The purposes of this study are to evaluate the normal range of quantitative CT (QCT) measures of lung attenuation and airway parameters measurements in healthy non-smoking adults and to identify sources of variation in those measures and possible means to adjust for them.
Materials and Methods
Within the COPDGene® study, 92 healthy non-Hispanic White non-smokers [29 male, 63 female, mean age 62.7 (SD 9.0), BMI 28.1 (SD 5.1)] underwent volumetric CT at full inspiration and at the end of a normal expiration. On QCT analysis (Pulmonary Workstation 2, VIDA Diagnostics), inspiratory low attenuation areas were defined as lung tissue with attenuation values ≤ −950 Hounsfield Units (HU) on inspiratory CT (LAAI-950). Expiratory low attenuation areas were defined as lung tissue ≤ −856 HU on expiratory CT (LAAE-856). We used simple linear regression to determine the impact of age and gender on QCT parameters and multiple regression to assess the additional impact of total lung capacity and functional residual capacity measured by CT (TLCCT and FRCCT), scanner type, and mean tracheal air attenuation. Airways were evaluated using measures of airway wall thickness (AWT), inner luminal area (ILA), wall area percent (WA%) and standardized thickness of an airway with inner perimeter of 10mm (Pi10).
Mean %LAAI-950 was 2.0 (SD 2.7), and mean %LAAE-856 was 9.2 (SD 6.8). Mean %LAAI-950 was 3.6 (SD 3.2) % in men, compared with 1.3 (SD 2.0) in women (P<0.001). The %LAAI-950 did not change significantly with age (P=0.08) or BMI (P=0.52). %LAAE-856 did not show any independent relationship with age (P=0.33), gender (P=0.70), or BMI (P=0.32). On multivariate analysis, %LAAI-950 showed a direct relationship to TLCCT (P=0.002) and an inverse relationship to mean tracheal air attenuation (P=0.003), and %LAAE-856 was related to age (P=0.001), FRCCT (P=0.007) and scanner type (P<0.001). Multivariate analysis of segmental airways showed that ILA and WA% were significantly related to TLCCT (P<0.001) and age (0.006). WA% was also associated with gender (P=0.05), axial pixel size (P=0.03) and slice interval (P=0.04). Lastly, AWT is strongly influenced by axial pixel size (P<0.001).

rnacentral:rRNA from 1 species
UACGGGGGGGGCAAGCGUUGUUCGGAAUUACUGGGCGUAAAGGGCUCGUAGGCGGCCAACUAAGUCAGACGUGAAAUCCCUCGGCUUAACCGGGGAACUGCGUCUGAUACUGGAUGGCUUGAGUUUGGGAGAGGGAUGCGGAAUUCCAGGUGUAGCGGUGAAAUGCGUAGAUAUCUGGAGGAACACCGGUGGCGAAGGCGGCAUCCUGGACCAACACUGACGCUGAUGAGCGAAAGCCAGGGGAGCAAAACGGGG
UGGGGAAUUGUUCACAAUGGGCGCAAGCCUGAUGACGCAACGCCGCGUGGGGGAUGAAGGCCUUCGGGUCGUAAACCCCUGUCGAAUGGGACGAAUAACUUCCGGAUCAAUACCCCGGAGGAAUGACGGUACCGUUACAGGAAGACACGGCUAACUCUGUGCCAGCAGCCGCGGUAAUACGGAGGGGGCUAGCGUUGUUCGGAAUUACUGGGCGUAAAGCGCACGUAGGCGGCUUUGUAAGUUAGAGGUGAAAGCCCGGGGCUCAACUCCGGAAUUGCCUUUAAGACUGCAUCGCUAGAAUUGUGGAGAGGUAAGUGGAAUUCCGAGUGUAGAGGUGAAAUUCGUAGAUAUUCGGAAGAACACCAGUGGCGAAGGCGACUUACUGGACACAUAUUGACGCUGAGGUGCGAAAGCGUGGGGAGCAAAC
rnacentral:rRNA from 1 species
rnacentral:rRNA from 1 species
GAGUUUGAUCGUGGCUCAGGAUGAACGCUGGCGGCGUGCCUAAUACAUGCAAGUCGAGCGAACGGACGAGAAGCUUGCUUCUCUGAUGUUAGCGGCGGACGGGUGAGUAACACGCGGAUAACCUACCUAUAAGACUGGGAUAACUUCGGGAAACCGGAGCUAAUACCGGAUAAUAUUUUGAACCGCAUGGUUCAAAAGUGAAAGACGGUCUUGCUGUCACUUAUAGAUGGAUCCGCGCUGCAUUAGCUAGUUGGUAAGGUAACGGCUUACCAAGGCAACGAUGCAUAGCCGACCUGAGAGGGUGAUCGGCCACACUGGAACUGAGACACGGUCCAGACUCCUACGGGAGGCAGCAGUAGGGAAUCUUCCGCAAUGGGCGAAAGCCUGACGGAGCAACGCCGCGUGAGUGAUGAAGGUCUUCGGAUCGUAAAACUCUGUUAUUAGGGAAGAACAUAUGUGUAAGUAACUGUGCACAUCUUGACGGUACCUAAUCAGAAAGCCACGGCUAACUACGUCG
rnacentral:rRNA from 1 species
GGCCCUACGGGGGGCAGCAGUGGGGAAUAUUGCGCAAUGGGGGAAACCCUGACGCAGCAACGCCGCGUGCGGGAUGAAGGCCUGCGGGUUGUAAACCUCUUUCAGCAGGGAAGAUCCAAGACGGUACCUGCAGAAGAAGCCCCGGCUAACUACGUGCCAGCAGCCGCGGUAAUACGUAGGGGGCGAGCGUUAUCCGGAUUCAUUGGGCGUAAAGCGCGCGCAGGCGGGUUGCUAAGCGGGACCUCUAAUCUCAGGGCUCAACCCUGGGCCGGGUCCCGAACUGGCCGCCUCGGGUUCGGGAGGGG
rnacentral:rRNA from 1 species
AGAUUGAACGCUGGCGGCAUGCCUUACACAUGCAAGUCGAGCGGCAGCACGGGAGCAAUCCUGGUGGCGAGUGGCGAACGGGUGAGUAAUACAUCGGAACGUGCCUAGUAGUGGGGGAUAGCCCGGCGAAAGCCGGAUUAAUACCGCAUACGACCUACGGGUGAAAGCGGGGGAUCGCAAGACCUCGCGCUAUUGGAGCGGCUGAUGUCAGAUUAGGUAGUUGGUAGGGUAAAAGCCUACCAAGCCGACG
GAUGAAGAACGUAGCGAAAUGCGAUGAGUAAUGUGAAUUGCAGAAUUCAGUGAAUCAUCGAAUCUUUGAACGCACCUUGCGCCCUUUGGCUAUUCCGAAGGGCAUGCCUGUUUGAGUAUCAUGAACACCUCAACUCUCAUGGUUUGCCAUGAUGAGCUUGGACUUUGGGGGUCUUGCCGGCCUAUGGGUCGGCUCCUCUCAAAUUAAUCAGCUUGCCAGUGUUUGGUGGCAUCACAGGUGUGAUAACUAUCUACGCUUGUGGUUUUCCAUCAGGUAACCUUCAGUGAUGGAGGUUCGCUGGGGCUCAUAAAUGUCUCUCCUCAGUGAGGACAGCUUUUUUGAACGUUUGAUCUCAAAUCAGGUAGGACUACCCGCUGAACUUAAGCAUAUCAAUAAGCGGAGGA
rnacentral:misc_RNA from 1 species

Although the attenuation characteristics of normal lung differ by age and gender, these differences do not persist on multivariate analysis. Potential sources of variation in measurement of attenuation-based quantitative CT parameters include depth of inspiration/expiration, and scanner type. Tracheal air attenuation may partially correct variation due to scanner type. Sources of variation in QCT airway measurements may include age, gender, BMI, depth of inspiration, and spatial resolution.